Missouri needs skilled trade workers for historic infrastructure investments

Bi-partisan group of legislators participate in a town hall at Laborers and Contractors Training Center

A BI-PARTISAN GROUP of Missouri legislators participated in a town hall and tour of the Laborers and Contractors Training Center in High Hill, Mo., on Oct. 19 to learn about the training program and discuss the need for more skilled trade workers as the federal government and Missouri roll out historic infrastructure investments.
– Missouri-Kansas Laborers District Council photo


High Hill, MO – Historic infrastructure investments by the federal government and the state of Missouri have resulted in an unprecedented need for skilled tradesmen and women.

Members of the Missouri House Workforce and Infrastructure Development Committee heard from leaders of the Laborers’ Union and contractors about the need for more men and women in the construction industry at a town hall meeting Oct. 19 at the Laborers and Contractors Training Center in High Hill, Mo.

The Construction Craft Laborers apprenticeship program teaches individuals the skills they need to build lasting infrastructure, both in the classroom and on the jobsite.

Following the town hall, members of the committee took a tour of the training center, where they saw the extensive training provided to apprentices and journeymen alike.

“The Construction Craft Laborers apprenticeship program has a proven record of training workers to rise to the challenge of building our infrastructure for the modern era,” said Brandon Flinn, business manager for the Missouri and Kansas Laborers District Council.

Missouri-Kansas Laborers District Council represents more than 12,000 construction craft laborers in Missouri and Kansas. Currently, the Laborers union is training more than 900 apprentices across the state and will continue to train even more in the future.

“The state and federal government have just made historic investments in infrastructure for Missouri,” said Representative Louis Riggs (R-Hannibal). “Now those construction projects are starting to happen and we need skilled workers to fill those positions. This is one location that is already training that workforce.”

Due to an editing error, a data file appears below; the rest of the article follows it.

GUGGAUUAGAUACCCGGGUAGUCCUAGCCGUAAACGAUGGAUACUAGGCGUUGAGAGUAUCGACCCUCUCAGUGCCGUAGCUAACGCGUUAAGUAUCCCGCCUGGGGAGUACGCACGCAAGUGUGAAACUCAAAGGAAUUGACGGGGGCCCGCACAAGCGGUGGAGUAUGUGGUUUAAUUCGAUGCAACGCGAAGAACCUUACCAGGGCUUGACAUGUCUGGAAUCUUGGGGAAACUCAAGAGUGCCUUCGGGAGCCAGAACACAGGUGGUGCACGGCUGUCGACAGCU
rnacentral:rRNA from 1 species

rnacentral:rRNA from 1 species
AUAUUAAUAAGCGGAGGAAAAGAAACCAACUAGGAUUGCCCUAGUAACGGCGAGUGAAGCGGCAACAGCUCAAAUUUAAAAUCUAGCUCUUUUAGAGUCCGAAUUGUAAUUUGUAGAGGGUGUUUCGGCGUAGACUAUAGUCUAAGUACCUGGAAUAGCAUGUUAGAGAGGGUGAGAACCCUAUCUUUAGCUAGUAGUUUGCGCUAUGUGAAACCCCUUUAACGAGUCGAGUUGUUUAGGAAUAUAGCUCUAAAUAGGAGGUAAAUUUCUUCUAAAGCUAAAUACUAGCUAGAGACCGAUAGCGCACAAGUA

“One of the things that both sides agree on is that we have some real concerns about where the future of our workforce is going to come from,” said Mike Howard, recruitment and outreach specialist for the Missouri Laborers-Employers Cooperation and Education Trust (LECET)

One of the largest projects coming up is the $2.8 billion I-70 project – adding an extra lane in both directions from Wentzville to Blue Springs.

“That’s a lot of work for Laborers, maybe years’ worth of work for us,” Howard told Fox 2 News. “For so long, probably 10 to 15 years at least, we’ve told kids to go to college, and we haven’t done a good job of going out and recruiting and promoting the trades and specifically the Laborers union as an option.”

Howard told lawmakers the industry is expected to grow at a compounded annual growth rate of about 4.8 percent. There’s money that’s been dedicated to this type of work, he said, so now it’s about finding the people to get it done.

“We are out there hitting the pavements, shaking all of the bushes, trying to tell our story to try to get young folks interested in the construction industry to bring them in,” said Scott Hughes, director of Missouri LECET.

With aging infrastructure across the state and one of the largest highway systems in the country, skilled trade workers are in demand, and more are needed.

Riggs and other lawmakers say they are tasking themselves with finding ways to help the industry and Missouri’s workforce.

“It’s a huge investment in us, but at the same time, we need to invest back into the people to get them trained up where they can do that,” Riggs said. “It’s the sewer lines, it’s the wastewater, it’s the treatment plants, plants that were built for 50 years of life that are now approaching 100. All this stuff needs to be replaced, and it’s going to take folks who are trained to do all of that.”

State representatives from the House Workforce and Infrastructure Development Committee who took part in the town hall included:

  • Rep. Louis Riggs (R-Hannibal). 
  • Rep. Bridget Walsh Moore (D-St. Louis).
  • Rep. Adrian Plank (D-Columbia).
  • Rep. Jim Murphy (R-St. Louis).
  • And Rep. Mike Stephens (R-Bolivar).


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